Jerry Redfern and Karen Coates, documentarians - The bombs we left behind in Laos are killing people

Jerry Redfern and Karen Coates, documentarians
The bombs we left behind in Laos are killing people

 

For most Americans, our foreign wars are far away and fast forgotten. Was Ramadi in Iraq and Raqqa in Syria? Or was it the other way around. It’s easy to confuse them as their time in the news cycle was brief.  And they have so much in common: both Ramadi and Raqqa were fortress-towns for the Islamic State, both were pulverized by American weapons wielded by troops trained and largely paid for by the United States and both have been left to fend for themselves in the years since the Islamic State was defeated and America walked away.

Considering America’s pivotal role in Ramadi and Raqqa’s destruction, they are places few Americans ever heard of, and most of them have forgotten both towns since.

We’ve been out of Afghanistan less than half a year and aside from the Americans who fought or worked there, who suffered physical or moral injuries there, and their families, few want to remember our 20 years making war there. And even fewer want to be reminded of what life is like today in the Afghanistan we left behind.

How much public discussion have you heard about what American warfare was responsible for in Afghanistan or Iraq or Vietnam.  And these were all — more or less — public wars.  When we were in ’em, anyone who cared, knew.

But what about a famous “secret war.” That’s what presidents and generals, journalists and scholars have called our bombing campaign in Laos.  When the war was happening, we denied it.  When our bombing stopped, aside from a few “left-wing” books, little was said about it.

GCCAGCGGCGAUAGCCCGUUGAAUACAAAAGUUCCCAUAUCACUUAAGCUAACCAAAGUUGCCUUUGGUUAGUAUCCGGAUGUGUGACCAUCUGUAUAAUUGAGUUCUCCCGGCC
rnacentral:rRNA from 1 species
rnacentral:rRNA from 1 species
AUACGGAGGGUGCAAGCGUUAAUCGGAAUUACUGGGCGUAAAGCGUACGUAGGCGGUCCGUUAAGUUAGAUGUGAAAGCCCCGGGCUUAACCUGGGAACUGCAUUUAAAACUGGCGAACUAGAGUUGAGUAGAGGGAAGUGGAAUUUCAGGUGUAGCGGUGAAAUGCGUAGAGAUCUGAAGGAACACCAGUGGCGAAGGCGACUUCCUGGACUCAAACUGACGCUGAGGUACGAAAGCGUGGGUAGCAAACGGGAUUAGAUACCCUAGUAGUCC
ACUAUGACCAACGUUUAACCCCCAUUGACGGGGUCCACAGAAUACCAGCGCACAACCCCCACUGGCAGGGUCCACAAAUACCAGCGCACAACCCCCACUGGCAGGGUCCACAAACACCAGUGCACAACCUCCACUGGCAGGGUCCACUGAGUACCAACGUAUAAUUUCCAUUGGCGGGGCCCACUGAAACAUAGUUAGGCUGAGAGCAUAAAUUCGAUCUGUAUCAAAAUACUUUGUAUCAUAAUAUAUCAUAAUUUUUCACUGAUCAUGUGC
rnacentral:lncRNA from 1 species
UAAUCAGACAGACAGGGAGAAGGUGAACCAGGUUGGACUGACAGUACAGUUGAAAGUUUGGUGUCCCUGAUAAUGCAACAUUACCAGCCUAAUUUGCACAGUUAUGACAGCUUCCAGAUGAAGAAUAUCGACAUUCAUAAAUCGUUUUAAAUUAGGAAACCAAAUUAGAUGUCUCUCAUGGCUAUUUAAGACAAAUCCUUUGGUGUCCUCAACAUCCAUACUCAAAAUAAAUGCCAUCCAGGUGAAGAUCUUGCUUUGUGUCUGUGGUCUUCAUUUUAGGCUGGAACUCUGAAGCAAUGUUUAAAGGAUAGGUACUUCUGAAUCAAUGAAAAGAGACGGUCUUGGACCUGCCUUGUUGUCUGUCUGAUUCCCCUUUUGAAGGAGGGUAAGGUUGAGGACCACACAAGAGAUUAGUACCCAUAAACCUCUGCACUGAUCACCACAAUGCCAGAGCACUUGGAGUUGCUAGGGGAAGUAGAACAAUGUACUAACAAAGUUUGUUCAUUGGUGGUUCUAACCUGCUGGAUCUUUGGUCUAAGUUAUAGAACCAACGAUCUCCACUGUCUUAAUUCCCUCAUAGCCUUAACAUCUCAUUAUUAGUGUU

Thus, the bombing in Laos was not a “forgotten war,” because to forget something you have to have once known about it. And who’s willing to accept responsibility for something done without their knowledge.

 

READING ROOM

Jerry Redfern is an award-winning visual and print journalist, covering environment and humanitarian issues globally. At home in New Mexico, he reports on oil and gas for Capital & Main. His film and photo work ranges from the aftermath of American bombs in Laos to agroforestry in Belize to life amid logging in Borneo. Jerry’s work has appeared in The New York Times, Wall Street Journal, Forbes, and Der Spiegel, among others. He has contributed to four book projects, including Eternal Harvest: The Legacy of American Bombs in Laos (co-authored with Karen Coates), which was a finalist for the IRE Book Award and the basis for Eternal Harvest the film. Jerry was a Ted Scripps Fellow in Environmental Journalism at the University of Colorado, and a Senior Fellow at the Schuster Institute for Investigative Journalism at Brandeis University. When not working with cameras and words, he crashes bikes and grows grapes.

 

Karen Coates is an independent producer, editor, author, and investigative reporter who covers food, environment, health, and human rights globally. She is a fellow with the International Women’s Media Foundation, a contributing editor for Archaeology Magazine, a former Ted Scripps Fellow in Environmental Journalism at the University of Colorado, and a former Senior Fellow at the Schuster Institute for Investigative Journalism at Brandeis. She is the author of four books, including (with Jerry Redfern) Eternal Harvest: The Legacy of American Bombs in Laos, which was a finalist for the IRE Book Award and the basis for Eternal Harvest the film. She also conducts international journalism training, and, as a food writer and former correspondent for Gourmet, has a passion for spicy curries.

https://www.eternalharvestfilm.com/

TOP

Subscribe

Subscribe to insider notes from Dave Marash along with previews and cartoons of upcoming podcasts. You’ll be richer, taller, and if you don’t eat, thinner.

Donate

Here & There is kept afloat by wonderful sponsors and curious listeners like you. Your support is appreciated!

Connect

LOADING